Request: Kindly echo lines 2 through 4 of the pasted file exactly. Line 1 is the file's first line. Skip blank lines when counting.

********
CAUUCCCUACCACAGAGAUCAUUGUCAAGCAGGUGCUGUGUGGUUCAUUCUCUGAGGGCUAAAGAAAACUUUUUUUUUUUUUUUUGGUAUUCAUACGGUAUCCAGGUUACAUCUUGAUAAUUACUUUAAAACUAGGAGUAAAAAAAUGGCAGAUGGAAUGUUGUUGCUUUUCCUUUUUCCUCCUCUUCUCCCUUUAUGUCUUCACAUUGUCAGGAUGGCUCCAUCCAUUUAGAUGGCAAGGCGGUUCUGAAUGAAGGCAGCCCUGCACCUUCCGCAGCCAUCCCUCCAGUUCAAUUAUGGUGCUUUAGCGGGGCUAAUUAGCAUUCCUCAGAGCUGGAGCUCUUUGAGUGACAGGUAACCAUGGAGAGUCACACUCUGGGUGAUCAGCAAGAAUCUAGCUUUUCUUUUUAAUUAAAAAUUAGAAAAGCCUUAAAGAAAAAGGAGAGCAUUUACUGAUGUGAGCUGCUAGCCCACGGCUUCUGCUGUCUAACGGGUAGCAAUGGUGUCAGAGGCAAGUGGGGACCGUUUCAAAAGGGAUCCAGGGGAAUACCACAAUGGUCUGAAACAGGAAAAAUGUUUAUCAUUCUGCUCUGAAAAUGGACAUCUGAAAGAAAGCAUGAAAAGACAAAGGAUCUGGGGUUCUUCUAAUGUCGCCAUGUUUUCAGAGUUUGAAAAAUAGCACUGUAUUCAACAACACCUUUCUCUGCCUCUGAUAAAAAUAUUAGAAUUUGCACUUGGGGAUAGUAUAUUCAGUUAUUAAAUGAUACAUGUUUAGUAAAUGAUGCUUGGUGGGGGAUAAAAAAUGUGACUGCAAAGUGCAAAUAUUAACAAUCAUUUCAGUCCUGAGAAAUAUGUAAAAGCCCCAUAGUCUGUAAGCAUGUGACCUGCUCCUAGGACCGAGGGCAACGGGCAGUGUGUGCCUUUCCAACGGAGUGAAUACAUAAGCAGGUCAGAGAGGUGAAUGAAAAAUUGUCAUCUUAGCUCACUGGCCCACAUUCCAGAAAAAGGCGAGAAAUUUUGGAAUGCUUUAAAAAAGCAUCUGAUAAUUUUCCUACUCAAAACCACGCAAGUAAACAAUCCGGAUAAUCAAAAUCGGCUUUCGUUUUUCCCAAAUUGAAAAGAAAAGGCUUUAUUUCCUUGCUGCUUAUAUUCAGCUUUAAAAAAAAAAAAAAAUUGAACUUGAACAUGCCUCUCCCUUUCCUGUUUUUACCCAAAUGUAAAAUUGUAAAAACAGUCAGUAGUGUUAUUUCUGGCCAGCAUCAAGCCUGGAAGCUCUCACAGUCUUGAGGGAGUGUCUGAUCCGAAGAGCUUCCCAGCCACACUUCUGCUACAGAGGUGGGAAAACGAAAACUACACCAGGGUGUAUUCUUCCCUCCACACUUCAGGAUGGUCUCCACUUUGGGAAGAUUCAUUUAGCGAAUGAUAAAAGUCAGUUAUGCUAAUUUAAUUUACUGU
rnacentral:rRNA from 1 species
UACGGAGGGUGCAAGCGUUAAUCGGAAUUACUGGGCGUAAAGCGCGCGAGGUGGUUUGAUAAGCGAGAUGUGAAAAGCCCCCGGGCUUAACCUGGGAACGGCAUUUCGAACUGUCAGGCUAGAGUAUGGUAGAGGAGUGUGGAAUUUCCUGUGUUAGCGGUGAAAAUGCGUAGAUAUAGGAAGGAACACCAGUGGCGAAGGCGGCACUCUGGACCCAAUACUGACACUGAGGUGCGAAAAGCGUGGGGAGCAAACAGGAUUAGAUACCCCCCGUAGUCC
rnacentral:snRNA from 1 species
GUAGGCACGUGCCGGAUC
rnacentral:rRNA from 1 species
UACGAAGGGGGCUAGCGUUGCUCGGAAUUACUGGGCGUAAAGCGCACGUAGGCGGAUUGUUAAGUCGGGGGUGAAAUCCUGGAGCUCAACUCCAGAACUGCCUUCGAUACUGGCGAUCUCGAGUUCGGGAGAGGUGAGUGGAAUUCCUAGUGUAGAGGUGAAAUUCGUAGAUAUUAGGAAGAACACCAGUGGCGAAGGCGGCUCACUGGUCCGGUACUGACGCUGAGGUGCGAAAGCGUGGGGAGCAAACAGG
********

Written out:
rnacentral:rRNA from 1 species
UACGGAGGGUGCAAGCGUUAAUCGGAAUUACUGGGCGUAAAGCGCGCGAGGUGGUUUGAUAAGCGAGAUGUGAAAAGCCCCCGGGCUUAACCUGGGAACGGCAUUUCGAACUGUCAGGCUAGAGUAUGGUAGAGGAGUGUGGAAUUUCCUGUGUUAGCGGUGAAAAUGCGUAGAUAUAGGAAGGAACACCAGUGGCGAAGGCGGCACUCUGGACCCAAUACUGACACUGAGGUGCGAAAAGCGUGGGGAGCAAACAGGAUUAGAUACCCCCCGUAGUCC
rnacentral:snRNA from 1 species